The Bible is a masterpiece of authoring and editing. Culturally so ingrained, often we don’t realize we are referring to it. Consider some of the phrases the Bible introduced into our lexicon:
• Turned the world upside down (Acts 17:6)
• Apple of my eye (Deuteronomy 32:10)
• The root of the matter (Job 19:28)
• The skin of my teeth (Job 19:20)
• Fell flat on his face (Numbers 22:31)
• Pour out your heart (Psalms 62:8)
• Wits’ end (Psalm 107:27)
• From time to time (Ezekiel 4:10)
• Blind leading the blind (Matthew 15:14)
• Scum of the earth (1 Corinthians 4:12-14)
National Geographic has just highlighted these and other fascinating insights in its December 2011 issue.
With re-readable plots and subplots, a balance of dialogue and description, and a thread that pulls the story from beginning to end, the original Bible text was, in some cases, inscribed on papyrus. Notwithstanding those tedious chapters on lineage, and even with divine inspiration, how do you pull that off in a draft or two?
In addition to the Greek and Hebrew-speaking authors, Latin and English translators (e.g., default editors) deserve some credit. Under King James I in England, the well-known English translation was first produced more than 400 years ago. And today, over 100 million Bibles are sold or given away each year.
Since to everything there is a season (Ecclesiastes 3:1), Thanksgiving seems an appropriate time to stand in awe (Psalms 4:4) of the writers and editors of the Bible. Happy Thanksgiving! Read more!
Monday, November 21, 2011
Okay, I’m not gonna lie…my mind is in a million different places at once. It’s all good – nice, fun sort of stress, but still – coming up with a witty, exciting, fresh post for y’all is challenging today. Seeing that we’re three days away from Thanksgiving, I’m going to talk about GRATITUDE.
I know, not original or fresh, but I told you…I’m stressing here!
I’m grateful for so many things in my life, but since this is a writing blog, I will stick to, well, writing and why I am truly grateful to be in this sometimes (ha!) crazy business.
Truth: writing doesn’t always make me happy. (shocker!) At times it makes me downright miserable. A crappy writing day can spill over into the rest of my life, and suddenly nothing seems right. I’m moody, short with those I love and even the slightest look in my direction can send me into a downward spiral of “Why do I do this again?”
Conversely, an awesome writing day, well wow, does it get any better? Even when it rains and dinner burns and you realize that you’ve been using your vacuum as a coat hanger and the floor is so full of lint you could probably fashion a stocking cap out of it…none of it matters because you’ve been in the zone.
Oddly enough, I’m grateful for both kinds of days. The bad ones because they make me dig deeper. The good ones don’t need any explanation, do they?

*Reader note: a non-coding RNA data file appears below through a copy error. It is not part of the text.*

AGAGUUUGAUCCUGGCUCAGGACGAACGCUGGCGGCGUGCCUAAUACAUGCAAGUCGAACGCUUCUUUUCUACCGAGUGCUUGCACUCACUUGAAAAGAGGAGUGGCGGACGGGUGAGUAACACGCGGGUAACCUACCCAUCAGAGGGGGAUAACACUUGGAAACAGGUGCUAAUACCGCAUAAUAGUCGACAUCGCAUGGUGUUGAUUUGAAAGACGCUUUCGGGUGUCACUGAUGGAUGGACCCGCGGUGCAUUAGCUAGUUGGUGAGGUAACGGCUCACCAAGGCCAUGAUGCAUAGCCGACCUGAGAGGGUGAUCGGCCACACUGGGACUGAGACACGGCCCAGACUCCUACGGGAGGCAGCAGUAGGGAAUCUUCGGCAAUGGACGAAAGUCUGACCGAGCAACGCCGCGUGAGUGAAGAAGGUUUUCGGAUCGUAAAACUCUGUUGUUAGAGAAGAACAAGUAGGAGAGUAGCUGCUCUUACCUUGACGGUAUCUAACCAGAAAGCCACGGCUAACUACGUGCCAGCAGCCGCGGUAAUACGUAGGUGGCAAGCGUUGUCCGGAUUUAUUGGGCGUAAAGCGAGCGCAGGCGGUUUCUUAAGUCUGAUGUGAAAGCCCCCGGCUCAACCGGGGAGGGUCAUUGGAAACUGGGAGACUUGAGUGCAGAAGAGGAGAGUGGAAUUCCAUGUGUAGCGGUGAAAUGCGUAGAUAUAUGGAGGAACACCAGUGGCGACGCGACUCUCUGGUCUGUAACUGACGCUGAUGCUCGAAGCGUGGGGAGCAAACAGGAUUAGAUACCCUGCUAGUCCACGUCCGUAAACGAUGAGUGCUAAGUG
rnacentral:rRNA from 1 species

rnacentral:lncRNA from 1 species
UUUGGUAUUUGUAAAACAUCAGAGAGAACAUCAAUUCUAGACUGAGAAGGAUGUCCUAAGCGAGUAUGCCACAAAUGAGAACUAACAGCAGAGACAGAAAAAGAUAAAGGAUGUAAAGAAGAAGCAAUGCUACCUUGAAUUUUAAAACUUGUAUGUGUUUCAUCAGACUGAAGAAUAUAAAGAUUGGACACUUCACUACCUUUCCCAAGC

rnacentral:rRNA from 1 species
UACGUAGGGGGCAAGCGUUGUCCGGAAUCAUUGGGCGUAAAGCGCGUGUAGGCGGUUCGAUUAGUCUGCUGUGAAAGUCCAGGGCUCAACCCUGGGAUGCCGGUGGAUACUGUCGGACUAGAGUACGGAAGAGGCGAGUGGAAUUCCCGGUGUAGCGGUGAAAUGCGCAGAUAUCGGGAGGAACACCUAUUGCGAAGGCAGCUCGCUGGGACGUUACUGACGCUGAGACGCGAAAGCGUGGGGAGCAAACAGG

I’m also grateful for the people I have met on this journey. I have been blessed to be a part of not one, but two awesome critique groups. I was more than a little heartbroken to leave my NJ group, good crit partners (and friends) are HARD to find! But before I even unpacked my boxes here in my new home, I sent a shout out to my local SCBWI listserv and immediately connected to another writer, who now is not just a writer bud, but a true friend. We started a group and BAM – the five of us have fashioned our own little writer family to support each other along the way. Just last week, I came to the meeting in a not very positive place. I was frustrated with a chapter I’d been revising and the whole process which sometimes seems to flow at a glacial pace for me. As I spilled my guts to people who could really understand where I was coming from, I felt lighter. I left the meeting…dare I say…happy? Ready to tackle revisions again. Throw in a cinnamon sugar bagel and coffee, and what more could you ask for?
Another person who I'm grateful to have met along my writing journey is my agent, Tamar Rydzinski. Having someone believe in my writing always gets me through those rough days I described above. And the gentle nudges now and then don't hurt either!
And last, but most definitely not least, I’m grateful for you Paper Waiters – for reading, commenting, being a part of this online community. It’s nice to be able to make connections through our writing! Happy Thanksgiving!
So, what part of your writing journey are you grateful for?
Wednesday, November 16, 2011
Just received copies of the December HIGHLIGHTS with my story "Why Bears Sleep All Winter: A Tale from Lapland."
No, I have no ancestral family stories from Lapland. I found this charming story in a tattered second hand volume of Scandinavian folktales published decades ago. The moral of my discovery (ditto the folktale) is to do good works. I was volunteering at a church book sale when I pulled the volume from a dusty donation box.